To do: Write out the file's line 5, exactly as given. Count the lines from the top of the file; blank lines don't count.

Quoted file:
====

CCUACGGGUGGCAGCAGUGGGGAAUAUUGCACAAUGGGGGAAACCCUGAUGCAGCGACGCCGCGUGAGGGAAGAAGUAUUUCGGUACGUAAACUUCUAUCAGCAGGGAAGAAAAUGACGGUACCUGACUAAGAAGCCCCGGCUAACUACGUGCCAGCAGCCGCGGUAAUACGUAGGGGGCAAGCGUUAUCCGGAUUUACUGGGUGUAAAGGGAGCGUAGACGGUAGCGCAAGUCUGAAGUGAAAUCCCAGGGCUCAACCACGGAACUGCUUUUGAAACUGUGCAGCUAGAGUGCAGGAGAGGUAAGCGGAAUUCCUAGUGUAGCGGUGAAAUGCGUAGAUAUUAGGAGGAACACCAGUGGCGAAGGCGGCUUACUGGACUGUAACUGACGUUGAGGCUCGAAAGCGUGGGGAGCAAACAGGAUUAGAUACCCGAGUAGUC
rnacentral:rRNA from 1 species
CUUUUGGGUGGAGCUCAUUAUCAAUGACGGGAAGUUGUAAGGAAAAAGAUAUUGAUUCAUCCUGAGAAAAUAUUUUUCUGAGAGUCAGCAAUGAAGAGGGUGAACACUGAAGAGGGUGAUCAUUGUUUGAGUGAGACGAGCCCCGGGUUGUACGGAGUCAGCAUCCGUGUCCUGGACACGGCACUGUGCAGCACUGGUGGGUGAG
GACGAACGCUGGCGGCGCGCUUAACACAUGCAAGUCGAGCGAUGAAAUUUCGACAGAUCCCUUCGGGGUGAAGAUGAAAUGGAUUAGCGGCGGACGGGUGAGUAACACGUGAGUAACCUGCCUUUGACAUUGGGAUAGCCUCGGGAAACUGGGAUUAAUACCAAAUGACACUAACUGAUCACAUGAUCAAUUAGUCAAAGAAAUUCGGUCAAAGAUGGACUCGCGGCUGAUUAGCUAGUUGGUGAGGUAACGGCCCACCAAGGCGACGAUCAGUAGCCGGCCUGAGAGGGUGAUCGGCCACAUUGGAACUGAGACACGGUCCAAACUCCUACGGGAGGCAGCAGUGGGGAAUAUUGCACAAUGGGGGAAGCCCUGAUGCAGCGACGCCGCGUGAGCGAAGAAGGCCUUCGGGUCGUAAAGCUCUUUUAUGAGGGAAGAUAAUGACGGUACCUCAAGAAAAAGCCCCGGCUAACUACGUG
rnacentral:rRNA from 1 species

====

rnacentral:rRNA from 1 species